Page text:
Conditional Probabilities of Significant Tornadoes from RUC-2 Forecasts

Thomas M. Hamill National Center for Atmospheric Research, Boulder, Colorado *

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Andrew T. Church University of New Mexico, Albuquerque, New Mexico

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Abstract

Several previous studies have established statistical relationships between the severity of convection and environmental conditions determined from rawinsonde observations. Here, the authors seek 1) to determine whether similar relationships are observed when severe weather reports are associated with gridded short-term numerical forecasts, and 2) to develop and demonstrate a prototypal probabilistic model to forecast the likelihood a thunderstorm will be tornadic. Severe weather reports and lightning network data from 1 January 1999 through 30 June 1999 were used to classify the weather at a set of Rapid Update Cycle (RUC-2) grid points into four weather categories. These were no thunderstorms, nonsupercellular thunderstorms, supercellular thunderstorms without significant tornadoes, and thunderstorms with significant tornadoes (F2 or greater). RUC-2 forecast convective available potential energy (CAPE), helicity, and 0–4-km mean wind shear from the same period were associated with this gridded classification of the weather. In general similar relationships were found between environmental parameters and storm categorization as others have previously documented. The Bayesian probabilistic model used here forecasts the likelihood that a thunderstorm will produce a strong or violent tornado, given a certain value of CAPE and helicity (or CAPE and wind shear). For two selected cases when significant tornadoes occurred, this model reasonably located the high-threat areas many hours in advance of the severe weather. An enhanced version of this prototypal tool may be of use to operational severe weather forecasters.

Corresponding author address: Dr. Thomas M. Hamill, NCAR/MMM/ASP, P.O. Box 3000, Boulder, CO 80307-3000.

Email: hamill@ucar.edu

Abstract

Several previous studies have established statistical relationships between the severity of convection and environmental conditions determined from rawinsonde observations. Here, the authors seek 1) to determine whether similar relationships are observed when severe weather reports are associated with gridded short-term numerical forecasts, and 2) to develop and demonstrate a prototypal probabilistic model to forecast the likelihood a thunderstorm will be tornadic. Severe weather reports and lightning network data from 1 January 1999 through 30 June 1999 were used to classify the weather at a set of Rapid Update Cycle (RUC-2) grid points into four weather categories. These were no thunderstorms, nonsupercellular thunderstorms, supercellular thunderstorms without significant tornadoes, and thunderstorms with significant tornadoes (F2 or greater). RUC-2 forecast convective available potential energy (CAPE), helicity, and 0–4-km mean wind shear from the same period were associated with this gridded classification of the weather. In general similar relationships were found between environmental parameters and storm categorization as others have previously documented. The Bayesian probabilistic model used here forecasts the likelihood that a thunderstorm will produce a strong or violent tornado, given a certain value of CAPE and helicity (or CAPE and wind shear). For two selected cases when significant tornadoes occurred, this model reasonably located the high-threat areas many hours in advance of the severe weather. An enhanced version of this prototypal tool may be of use to operational severe weather forecasters.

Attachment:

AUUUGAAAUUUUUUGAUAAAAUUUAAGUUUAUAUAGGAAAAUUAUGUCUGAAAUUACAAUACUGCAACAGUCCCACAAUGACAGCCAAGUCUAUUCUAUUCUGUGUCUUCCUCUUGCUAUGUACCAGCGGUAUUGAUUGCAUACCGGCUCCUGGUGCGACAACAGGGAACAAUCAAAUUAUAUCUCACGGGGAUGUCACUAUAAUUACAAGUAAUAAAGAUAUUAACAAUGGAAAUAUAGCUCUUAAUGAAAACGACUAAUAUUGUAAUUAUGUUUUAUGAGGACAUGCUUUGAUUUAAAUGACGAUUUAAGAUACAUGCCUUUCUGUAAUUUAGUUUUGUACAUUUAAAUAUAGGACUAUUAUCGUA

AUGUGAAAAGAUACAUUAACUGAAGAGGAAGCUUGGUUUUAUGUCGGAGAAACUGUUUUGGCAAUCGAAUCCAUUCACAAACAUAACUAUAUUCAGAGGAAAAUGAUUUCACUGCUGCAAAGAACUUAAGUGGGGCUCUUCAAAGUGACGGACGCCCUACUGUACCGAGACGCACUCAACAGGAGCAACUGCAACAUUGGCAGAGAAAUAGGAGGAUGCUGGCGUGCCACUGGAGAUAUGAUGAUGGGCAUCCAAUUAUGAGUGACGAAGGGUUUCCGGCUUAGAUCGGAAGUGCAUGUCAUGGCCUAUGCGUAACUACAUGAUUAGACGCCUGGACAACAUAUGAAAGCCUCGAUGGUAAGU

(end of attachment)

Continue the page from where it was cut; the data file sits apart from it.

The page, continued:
Corresponding author address: Dr. Thomas M. Hamill, NCAR/MMM/ASP, P.O. Box 3000, Boulder, CO 80307-3000.

Email: hamill@ucar.edu

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